by Lauren Voyles
The People’s Key is the final album of Bright Eyes, released one year ago today. Before I review the album, I’d like to apologize to all of the hipsters that will be angry that all of the “mainstream” people will know about their music.
In rating this album, if I had to compare it to music in general, I would give it 4 stars out of 5. If I had to compare it to all of Bright Eyes’ music, I would give 3.5 stars. This album has shown me that not every band will end up sucking as time passes, like I previously thought. This album is definitely different from previous albums by Bright Eyes. As a prelude: Every Bright Eyes song has a meaning. Most Bright Eyes songs are about personal experiences and certain people Conor Oberst (The lead singer; he IS the band) knew. The People’s Key goes more for universal meanings rather than personal ones. I have noticed, though, that over time Conor’s songs have become less personal. In one of his first albums “A Collection of Songs Written and Recorded from 1995-1997” he would actually include the name of the person he was talking about. After that, he rarely included the name of the person, but he did give very personal details about the situations or people the song was about.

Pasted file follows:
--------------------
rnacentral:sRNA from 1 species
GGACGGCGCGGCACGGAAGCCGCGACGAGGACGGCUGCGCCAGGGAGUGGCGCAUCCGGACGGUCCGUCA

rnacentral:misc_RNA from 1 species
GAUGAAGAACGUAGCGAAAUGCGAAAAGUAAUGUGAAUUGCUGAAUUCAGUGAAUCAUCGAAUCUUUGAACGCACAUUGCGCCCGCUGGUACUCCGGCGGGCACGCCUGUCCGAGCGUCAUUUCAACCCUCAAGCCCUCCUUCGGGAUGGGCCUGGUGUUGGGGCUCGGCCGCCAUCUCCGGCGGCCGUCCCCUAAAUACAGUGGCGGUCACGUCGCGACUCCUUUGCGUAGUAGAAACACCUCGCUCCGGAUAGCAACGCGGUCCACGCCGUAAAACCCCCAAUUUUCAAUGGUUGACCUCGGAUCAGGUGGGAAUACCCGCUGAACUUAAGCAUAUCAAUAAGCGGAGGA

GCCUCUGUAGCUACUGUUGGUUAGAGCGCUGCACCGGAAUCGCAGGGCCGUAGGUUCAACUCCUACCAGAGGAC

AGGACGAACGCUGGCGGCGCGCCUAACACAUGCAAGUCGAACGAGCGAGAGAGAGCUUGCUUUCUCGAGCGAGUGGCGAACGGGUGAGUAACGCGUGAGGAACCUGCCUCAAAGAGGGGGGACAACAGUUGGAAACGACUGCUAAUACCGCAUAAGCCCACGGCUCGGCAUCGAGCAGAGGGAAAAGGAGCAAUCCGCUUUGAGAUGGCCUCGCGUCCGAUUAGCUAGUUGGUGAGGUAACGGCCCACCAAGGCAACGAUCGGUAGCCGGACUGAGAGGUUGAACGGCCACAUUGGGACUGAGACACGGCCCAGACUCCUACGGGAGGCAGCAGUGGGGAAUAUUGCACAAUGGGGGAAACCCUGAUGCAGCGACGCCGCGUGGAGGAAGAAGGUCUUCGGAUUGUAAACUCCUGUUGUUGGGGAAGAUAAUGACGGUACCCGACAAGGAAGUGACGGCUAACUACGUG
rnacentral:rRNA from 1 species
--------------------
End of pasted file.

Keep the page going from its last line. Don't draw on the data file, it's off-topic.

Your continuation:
Getting to individual songs, I would have to say the best song is “Shell Games”. It is definitely in the style of most of the newer songs, and most of the lyrics in it are for universal meaning but it also adds a touch of personal feelings. “One for You, One for Me” is also a very good song. I did not care for “Approximate Sunlight.”
Should you buy this album? If you like almost all of the songs and you would save from purchasing the song in the album package, or if you don’t want to buy digital download you should purchase the album. I personally chose to download individual songs, but it’s up to you. I personally think that it is a good album overall. It’s not the perfect album to end the band on, but it wasn’t bad.